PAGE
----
Events in the streets of Cairo and Egypt’s other cities are unfolding at a dizzying pace as the Egyptian people demand an end to the 30 year reign of Hosni Mubarak. In the past four days, the much-feared security police have lost control of the streets, the Egyptian army has entered the main squares but is embracing rather than shooting the demonstrators, President Mubarak has dismissed his government, and—for the first time in his very long reign—has now appointed a successor (that is not his son). None of this was even imaginable a week ago. And it all has profound significance for American interests in the Middle East.
Since the Nixon-Kissinger era, Egypt has served as the strategic cornerstone of U.S. policy in this volatile region. As the largest, militarily most powerful, and culturally most influential country in the Arab world, Egypt has disproportionate influence on the course of events there. And the Egyptian-U.S. alliance has been fundamentally important both to war and peace in the Middle East.
The peace between Egypt and Israel, forged in the 1970s by Mubarak’s predecessor Anwar Sadat, with the active involvement of the United States, has made it impossible for other Arab states to consider going to war with Israel. With Egypt out of the picture, they have all now come to the point where they are willing to end the conflict with Israel. Similarly, the wars the United States is fighting in Iraq and Afghanistan have been made possible by the flow of forces and materiel through Egypt’s Suez Canal and Cairo West air base. And Egypt’s support for U.S. endeavors in both arenas has been critically important in ensuring broader Arab support.
Put simply, all of our interests in the Middle East—from promoting stability, to resolving the Arab-Israeli conflict, to ensuring the free-flow of oil at reasonable prices, to containing the influence of Iran and its radical Hamas and Hezbollah proxies—all of them will be much harder, if not impossible, to protect, if we lose Egypt.
But here’s the horrible dilemma that President Obama now finds himself in. If he distances the United States from Mubarak, he risks toppling a critically important Arab ally which could generate a tsunami of instability that could shake the foundations of all of America’s autocratic Arab allies across the region. Yet if he does not distance the U.S. from the Egyptian pharaoh, he risks alienating the Egyptian people, helping to open the way to a theocratic regime that would be fundamentally anti-American.
Fortunately, we know the consequences of being on the wrong side of history, because we have been living with them ever since the overthrow of the Shah of Iran in 1978 and his replacement by the anti-American ayatollahs. The Shah, like Mubarak, represented a strategic pillar, protecting U.S. interests in the critically important Persian Gulf. Jimmy Carter pressed the Shah to undertake political reforms and respect the human rights of his people, but then backed off for the sake of stability. Similarly, George W. Bush pressed Mubarak to open up political space for a moderate Egyptian opposition to emerge and then backed off after Hamas won the Palestinian elections.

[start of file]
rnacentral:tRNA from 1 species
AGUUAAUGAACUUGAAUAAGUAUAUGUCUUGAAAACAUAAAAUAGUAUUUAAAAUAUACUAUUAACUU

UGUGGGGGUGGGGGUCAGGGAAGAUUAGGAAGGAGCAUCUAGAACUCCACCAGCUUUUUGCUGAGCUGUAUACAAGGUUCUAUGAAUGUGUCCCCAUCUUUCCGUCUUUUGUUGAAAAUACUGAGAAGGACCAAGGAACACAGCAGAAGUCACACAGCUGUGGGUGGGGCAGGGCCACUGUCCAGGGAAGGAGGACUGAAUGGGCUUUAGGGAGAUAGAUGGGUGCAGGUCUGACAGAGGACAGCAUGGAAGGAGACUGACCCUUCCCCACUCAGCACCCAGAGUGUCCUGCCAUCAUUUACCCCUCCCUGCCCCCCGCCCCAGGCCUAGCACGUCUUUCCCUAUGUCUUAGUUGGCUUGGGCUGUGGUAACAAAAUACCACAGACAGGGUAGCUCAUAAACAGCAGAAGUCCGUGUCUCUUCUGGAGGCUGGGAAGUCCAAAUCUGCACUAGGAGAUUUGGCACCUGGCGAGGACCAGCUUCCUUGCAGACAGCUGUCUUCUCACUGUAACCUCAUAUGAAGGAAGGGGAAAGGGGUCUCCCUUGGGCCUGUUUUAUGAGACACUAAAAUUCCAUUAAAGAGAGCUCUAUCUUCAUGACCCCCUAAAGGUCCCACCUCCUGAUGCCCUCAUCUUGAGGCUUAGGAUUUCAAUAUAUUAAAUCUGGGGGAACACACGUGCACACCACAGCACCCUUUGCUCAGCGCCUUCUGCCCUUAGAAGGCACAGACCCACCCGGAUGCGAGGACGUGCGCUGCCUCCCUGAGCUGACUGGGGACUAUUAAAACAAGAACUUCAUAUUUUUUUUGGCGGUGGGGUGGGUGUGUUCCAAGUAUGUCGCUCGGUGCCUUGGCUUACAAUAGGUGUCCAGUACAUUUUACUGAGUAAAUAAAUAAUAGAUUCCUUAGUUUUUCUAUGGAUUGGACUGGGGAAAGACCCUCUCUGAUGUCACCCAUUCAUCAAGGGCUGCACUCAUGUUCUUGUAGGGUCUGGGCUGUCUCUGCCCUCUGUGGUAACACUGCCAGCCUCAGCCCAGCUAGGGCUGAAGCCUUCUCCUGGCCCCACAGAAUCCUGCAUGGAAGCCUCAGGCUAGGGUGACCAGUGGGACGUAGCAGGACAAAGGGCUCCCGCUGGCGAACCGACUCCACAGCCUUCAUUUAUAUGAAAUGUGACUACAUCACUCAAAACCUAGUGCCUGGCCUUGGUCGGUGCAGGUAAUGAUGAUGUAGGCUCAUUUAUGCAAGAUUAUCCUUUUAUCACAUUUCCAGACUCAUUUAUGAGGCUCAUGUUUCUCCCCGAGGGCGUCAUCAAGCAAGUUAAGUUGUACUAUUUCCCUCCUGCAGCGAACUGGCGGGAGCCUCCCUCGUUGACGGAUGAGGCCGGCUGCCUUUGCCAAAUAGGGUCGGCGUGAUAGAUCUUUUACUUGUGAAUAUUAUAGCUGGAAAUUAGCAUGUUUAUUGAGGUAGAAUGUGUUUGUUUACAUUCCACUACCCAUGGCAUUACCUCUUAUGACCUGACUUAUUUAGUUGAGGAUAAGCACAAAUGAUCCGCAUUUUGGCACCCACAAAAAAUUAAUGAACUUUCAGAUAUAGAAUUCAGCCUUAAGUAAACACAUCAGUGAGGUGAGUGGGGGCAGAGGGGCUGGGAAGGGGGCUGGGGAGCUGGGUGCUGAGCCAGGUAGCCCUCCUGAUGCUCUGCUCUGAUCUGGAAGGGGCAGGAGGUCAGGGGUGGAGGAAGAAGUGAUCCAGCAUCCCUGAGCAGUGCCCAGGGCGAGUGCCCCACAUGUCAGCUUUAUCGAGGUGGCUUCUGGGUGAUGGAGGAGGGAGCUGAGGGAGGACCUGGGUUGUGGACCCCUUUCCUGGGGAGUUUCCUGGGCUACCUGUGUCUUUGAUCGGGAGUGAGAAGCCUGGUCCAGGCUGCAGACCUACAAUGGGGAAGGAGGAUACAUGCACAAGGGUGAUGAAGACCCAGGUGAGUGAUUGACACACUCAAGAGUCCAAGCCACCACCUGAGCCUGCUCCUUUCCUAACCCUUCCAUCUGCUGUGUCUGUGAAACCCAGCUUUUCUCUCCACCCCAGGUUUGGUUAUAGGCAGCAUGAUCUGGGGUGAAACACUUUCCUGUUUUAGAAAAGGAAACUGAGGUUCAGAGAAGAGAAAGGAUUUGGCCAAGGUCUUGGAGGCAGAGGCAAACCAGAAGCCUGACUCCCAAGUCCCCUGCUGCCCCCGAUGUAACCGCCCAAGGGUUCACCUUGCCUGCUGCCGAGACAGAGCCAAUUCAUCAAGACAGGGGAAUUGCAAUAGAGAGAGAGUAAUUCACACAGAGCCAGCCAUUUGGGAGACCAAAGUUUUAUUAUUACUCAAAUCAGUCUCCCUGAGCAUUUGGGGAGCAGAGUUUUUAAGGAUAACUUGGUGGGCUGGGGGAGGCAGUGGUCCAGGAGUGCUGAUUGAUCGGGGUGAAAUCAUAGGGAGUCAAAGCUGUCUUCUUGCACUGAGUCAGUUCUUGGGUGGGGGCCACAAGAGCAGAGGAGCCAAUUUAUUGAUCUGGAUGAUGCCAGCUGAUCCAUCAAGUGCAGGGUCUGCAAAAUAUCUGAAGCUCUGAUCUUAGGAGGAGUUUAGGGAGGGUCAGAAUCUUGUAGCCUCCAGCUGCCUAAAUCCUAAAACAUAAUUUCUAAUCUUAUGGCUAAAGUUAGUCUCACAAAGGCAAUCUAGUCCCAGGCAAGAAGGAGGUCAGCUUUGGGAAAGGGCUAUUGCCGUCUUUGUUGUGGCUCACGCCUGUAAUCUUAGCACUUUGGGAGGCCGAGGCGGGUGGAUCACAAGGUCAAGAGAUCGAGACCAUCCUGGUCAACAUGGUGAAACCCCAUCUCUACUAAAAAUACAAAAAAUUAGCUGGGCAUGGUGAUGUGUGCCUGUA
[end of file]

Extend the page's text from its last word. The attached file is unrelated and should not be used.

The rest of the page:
At this point, facing by far the biggest foreign policy crisis of his presidency, Obama cannot afford to backtrack. Yesterday, he came out publicly on the side of the Egyptian people, insisting that Mubarak undertake significant reforms. But it is surely clear by now that the people will settle for nothing less than the removal of Mubarak. So Obama’s options are narrowing. He will soon have to decide whether to tell Mubarak that the United States no longer supports him and that it’s time for him to go.
Fortunately, Mubarak’s appointment of Omar Suleiman, the head of Military Intelligence, as his vice president and successor, has made it more possible for Obama to pursue this option with less fear of the potential destabilizing consequences. The United States has a good deal of leverage on the Egyptian military because we have trained, equipped and paid for their armaments. They now hold the key to a positive resolution of this crisis. Mubarak may have appointed Suleiman to shore up military support for his presidency, but he is now dependent on the same military for his survival and they may be willing to abandon him to ensure their own.
That’s the door on which Obama now needs to push. Suleiman needs to be encouraged to take over as Egypt’s new president, order the military to prevent looting but not harm the demonstrators, and announce that he will only serve for six months until free and fair elections allow for a legitimate president to form a new government. If he can put this understanding in place, Obama then needs to call Mubarak and tell him gently but firmly that for the good of his country it’s time for him to go.